In one useful embodiment, a diameter of the multi-model optical fiber 14 is in the approximate range from 20 to 100 μm (micrometer). A power of the laser diode 12 is in the approximate range from above about 0 W (Watt) (i.e., a measurable amount of power) to 10 W. A wavelength of the laser beams 16 generated by the laser diode 12 is in the approximate range from 700 to 1300 nm (nanometer). Quite usefully, the power of the laser diode 12 used for generating the laser beams 16 is about 2 W. The wavelength of the laser beams 16 generated by the laser diode 12 is 808 nm. After coupling with the multi-model optical fiber 14, the laser beams 16 focused by the lens 18 irradiate on the substrate 22. A diameter of the focused laser beams 16 is in the approximate range from 50 to 200 μm (micrometer).
It is to be understood that the focused laser beams 16 could be employed to irradiate on the catalyst film directly or on the second surface of the substrate 22, when the substrate 22 is made of a transparent material and/or has a thin thickness. If the focused laser beams 16 irradiate on the second surface of the substrate 22, the laser energy can pass through the substrate 22 and heat the catalyst film.
In step (e), due to catalyzing by the catalyst film, the carbon source gas supplied over/across the catalyst film is pyrolyzed in a gas phase into carbon units (C═C or C) and free hydrogen (H2). The carbon units are absorbed on a free surface of the catalyst film and diffused thereinto. When the catalyst film becomes supersaturated with the dissolved carbon units, carbon nanotube growth is initiated. As the intrusion of the carbon units into the catalyst film continues, an array of carbon nanotubes is formed. The additional hydrogen produced by the pyrolyzed reaction can help reduce the catalyst oxide and thus activate the catalyst. As such, the growth speed of the carbon nanotubes is increased, and the achievable height of the array of the carbon nanotubes is enhanced.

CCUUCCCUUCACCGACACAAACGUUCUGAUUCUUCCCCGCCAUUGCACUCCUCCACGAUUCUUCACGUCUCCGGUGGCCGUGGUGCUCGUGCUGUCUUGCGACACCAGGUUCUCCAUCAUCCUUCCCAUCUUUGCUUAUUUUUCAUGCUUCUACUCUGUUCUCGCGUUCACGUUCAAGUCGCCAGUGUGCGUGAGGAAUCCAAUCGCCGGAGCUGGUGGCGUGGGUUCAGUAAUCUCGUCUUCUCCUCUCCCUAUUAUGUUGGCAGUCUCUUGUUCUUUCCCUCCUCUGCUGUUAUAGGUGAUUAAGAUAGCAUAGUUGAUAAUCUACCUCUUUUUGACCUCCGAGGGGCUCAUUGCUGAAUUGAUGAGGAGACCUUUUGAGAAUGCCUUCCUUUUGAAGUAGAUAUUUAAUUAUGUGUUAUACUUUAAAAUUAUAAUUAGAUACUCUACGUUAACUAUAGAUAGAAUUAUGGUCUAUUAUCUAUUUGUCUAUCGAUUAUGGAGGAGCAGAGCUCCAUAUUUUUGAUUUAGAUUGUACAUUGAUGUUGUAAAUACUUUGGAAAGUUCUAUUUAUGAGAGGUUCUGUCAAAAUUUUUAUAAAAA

It is noted that the catalyst film can be heated by laser irradiating. At the same time, the light absorption layer can absorb laser energy and further promote heating the catalyst film. Thus, the predetermined temperature for locally heating the catalyst film by laser beam can be less than ˜600° C. Moreover, the present method can heat up the catalyst film to a predetermined reaction temperature within less time. Further, the carbon source gases are directly flowing over/across area near the catalyst film. As such, the predetermined reaction temperature and the concentration of the carbon source gases can achieve the requirements for CNTs growth in open air, without a closed reactor and/or vacuum conditions.
Because the present embodiments mainly use thermal effect of the laser beams 16, requirements for the laser optical effect are not high. The laser beams 16 generated by coupling the laser diode 12 with the multi-moldes optical fiber enhance the power of laser beams 16, and thus beneficially uniformly heat the catalyst film. Moreover, a wavelength of the laser beams 16 generated by the semiconductor lasers are shorter than that generated by the traditional gas lasers, and the laser beams 16 generated by the semiconductor lasers have a square-wave distribution. So the laser beams 16 generated by the semiconductor lasers are beneficial to quickly/rapidly heat the substrate and the catalyst.